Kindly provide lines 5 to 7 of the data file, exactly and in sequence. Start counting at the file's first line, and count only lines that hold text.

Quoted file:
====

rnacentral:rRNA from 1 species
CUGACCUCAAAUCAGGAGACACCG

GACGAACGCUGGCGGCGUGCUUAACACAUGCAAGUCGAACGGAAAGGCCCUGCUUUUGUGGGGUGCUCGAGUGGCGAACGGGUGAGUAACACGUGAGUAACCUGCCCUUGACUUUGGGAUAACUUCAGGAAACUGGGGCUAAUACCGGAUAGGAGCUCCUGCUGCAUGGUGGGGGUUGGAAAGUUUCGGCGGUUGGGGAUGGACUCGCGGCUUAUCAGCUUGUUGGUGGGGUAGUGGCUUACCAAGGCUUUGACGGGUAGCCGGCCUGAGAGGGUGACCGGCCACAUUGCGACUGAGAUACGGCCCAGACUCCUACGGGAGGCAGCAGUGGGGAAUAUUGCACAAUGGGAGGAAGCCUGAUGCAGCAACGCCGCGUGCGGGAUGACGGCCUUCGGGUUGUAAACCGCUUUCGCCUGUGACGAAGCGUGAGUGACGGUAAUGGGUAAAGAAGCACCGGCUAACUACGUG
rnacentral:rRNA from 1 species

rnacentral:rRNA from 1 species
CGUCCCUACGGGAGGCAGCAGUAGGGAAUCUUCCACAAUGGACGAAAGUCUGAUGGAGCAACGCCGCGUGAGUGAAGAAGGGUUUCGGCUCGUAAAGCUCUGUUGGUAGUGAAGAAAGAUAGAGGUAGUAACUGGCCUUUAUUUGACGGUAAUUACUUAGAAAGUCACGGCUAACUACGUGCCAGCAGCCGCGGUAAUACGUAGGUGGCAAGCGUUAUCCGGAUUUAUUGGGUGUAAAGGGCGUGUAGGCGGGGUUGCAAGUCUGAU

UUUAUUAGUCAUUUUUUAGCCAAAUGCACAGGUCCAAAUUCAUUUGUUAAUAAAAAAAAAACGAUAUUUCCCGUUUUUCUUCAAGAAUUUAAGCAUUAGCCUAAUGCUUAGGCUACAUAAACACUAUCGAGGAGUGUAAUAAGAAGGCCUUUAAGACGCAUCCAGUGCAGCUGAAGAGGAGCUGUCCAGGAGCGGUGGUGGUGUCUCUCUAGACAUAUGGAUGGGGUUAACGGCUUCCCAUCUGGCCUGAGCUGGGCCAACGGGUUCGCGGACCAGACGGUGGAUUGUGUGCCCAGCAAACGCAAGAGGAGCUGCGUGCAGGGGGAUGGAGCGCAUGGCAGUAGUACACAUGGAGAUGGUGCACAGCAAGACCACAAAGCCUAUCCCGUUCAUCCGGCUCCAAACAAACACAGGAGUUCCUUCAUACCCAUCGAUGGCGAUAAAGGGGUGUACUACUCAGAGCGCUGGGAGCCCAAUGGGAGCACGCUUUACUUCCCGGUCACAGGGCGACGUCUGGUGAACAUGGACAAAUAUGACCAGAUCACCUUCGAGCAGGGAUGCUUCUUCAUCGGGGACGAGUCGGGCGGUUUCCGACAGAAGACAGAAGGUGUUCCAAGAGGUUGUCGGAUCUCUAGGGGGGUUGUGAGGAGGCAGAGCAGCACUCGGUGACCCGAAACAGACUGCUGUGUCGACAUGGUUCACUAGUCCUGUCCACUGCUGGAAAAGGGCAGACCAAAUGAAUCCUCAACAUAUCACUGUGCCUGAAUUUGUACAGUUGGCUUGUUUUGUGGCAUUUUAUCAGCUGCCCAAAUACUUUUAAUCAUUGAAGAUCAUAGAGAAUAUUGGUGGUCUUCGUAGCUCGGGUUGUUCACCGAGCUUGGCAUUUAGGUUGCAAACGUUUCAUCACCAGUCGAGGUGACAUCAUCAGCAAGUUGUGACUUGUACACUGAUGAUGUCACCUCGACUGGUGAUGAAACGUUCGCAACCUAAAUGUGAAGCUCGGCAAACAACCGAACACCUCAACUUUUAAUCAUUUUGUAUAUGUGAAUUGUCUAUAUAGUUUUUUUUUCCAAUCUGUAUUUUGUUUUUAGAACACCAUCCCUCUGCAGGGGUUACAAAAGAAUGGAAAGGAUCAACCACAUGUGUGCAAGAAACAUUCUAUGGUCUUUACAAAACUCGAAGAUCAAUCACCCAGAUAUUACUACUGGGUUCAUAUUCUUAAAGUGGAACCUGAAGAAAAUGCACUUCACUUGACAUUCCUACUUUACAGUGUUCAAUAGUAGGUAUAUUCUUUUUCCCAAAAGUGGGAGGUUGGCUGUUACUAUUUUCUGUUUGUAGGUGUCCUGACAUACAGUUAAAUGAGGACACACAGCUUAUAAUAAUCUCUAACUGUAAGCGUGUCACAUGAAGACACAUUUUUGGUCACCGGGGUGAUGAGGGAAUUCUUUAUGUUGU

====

rnacentral:rRNA from 1 species
CGUCCCUACGGGAGGCAGCAGUAGGGAAUCUUCCACAAUGGACGAAAGUCUGAUGGAGCAACGCCGCGUGAGUGAAGAAGGGUUUCGGCUCGUAAAGCUCUGUUGGUAGUGAAGAAAGAUAGAGGUAGUAACUGGCCUUUAUUUGACGGUAAUUACUUAGAAAGUCACGGCUAACUACGUGCCAGCAGCCGCGGUAAUACGUAGGUGGCAAGCGUUAUCCGGAUUUAUUGGGUGUAAAGGGCGUGUAGGCGGGGUUGCAAGUCUGAU

UUUAUUAGUCAUUUUUUAGCCAAAUGCACAGGUCCAAAUUCAUUUGUUAAUAAAAAAAAAACGAUAUUUCCCGUUUUUCUUCAAGAAUUUAAGCAUUAGCCUAAUGCUUAGGCUACAUAAACACUAUCGAGGAGUGUAAUAAGAAGGCCUUUAAGACGCAUCCAGUGCAGCUGAAGAGGAGCUGUCCAGGAGCGGUGGUGGUGUCUCUCUAGACAUAUGGAUGGGGUUAACGGCUUCCCAUCUGGCCUGAGCUGGGCCAACGGGUUCGCGGACCAGACGGUGGAUUGUGUGCCCAGCAAACGCAAGAGGAGCUGCGUGCAGGGGGAUGGAGCGCAUGGCAGUAGUACACAUGGAGAUGGUGCACAGCAAGACCACAAAGCCUAUCCCGUUCAUCCGGCUCCAAACAAACACAGGAGUUCCUUCAUACCCAUCGAUGGCGAUAAAGGGGUGUACUACUCAGAGCGCUGGGAGCCCAAUGGGAGCACGCUUUACUUCCCGGUCACAGGGCGACGUCUGGUGAACAUGGACAAAUAUGACCAGAUCACCUUCGAGCAGGGAUGCUUCUUCAUCGGGGACGAGUCGGGCGGUUUCCGACAGAAGACAGAAGGUGUUCCAAGAGGUUGUCGGAUCUCUAGGGGGGUUGUGAGGAGGCAGAGCAGCACUCGGUGACCCGAAACAGACUGCUGUGUCGACAUGGUUCACUAGUCCUGUCCACUGCUGGAAAAGGGCAGACCAAAUGAAUCCUCAACAUAUCACUGUGCCUGAAUUUGUACAGUUGGCUUGUUUUGUGGCAUUUUAUCAGCUGCCCAAAUACUUUUAAUCAUUGAAGAUCAUAGAGAAUAUUGGUGGUCUUCGUAGCUCGGGUUGUUCACCGAGCUUGGCAUUUAGGUUGCAAACGUUUCAUCACCAGUCGAGGUGACAUCAUCAGCAAGUUGUGACUUGUACACUGAUGAUGUCACCUCGACUGGUGAUGAAACGUUCGCAACCUAAAUGUGAAGCUCGGCAAACAACCGAACACCUCAACUUUUAAUCAUUUUGUAUAUGUGAAUUGUCUAUAUAGUUUUUUUUUCCAAUCUGUAUUUUGUUUUUAGAACACCAUCCCUCUGCAGGGGUUACAAAAGAAUGGAAAGGAUCAACCACAUGUGUGCAAGAAACAUUCUAUGGUCUUUACAAAACUCGAAGAUCAAUCACCCAGAUAUUACUACUGGGUUCAUAUUCUUAAAGUGGAACCUGAAGAAAAUGCACUUCACUUGACAUUCCUACUUUACAGUGUUCAAUAGUAGGUAUAUUCUUUUUCCCAAAAGUGGGAGGUUGGCUGUUACUAUUUUCUGUUUGUAGGUGUCCUGACAUACAGUUAAAUGAGGACACACAGCUUAUAAUAAUCUCUAACUGUAAGCGUGUCACAUGAAGACACAUUUUUGGUCACCGGGGUGAUGAGGGAAUUCUUUAUGUUGU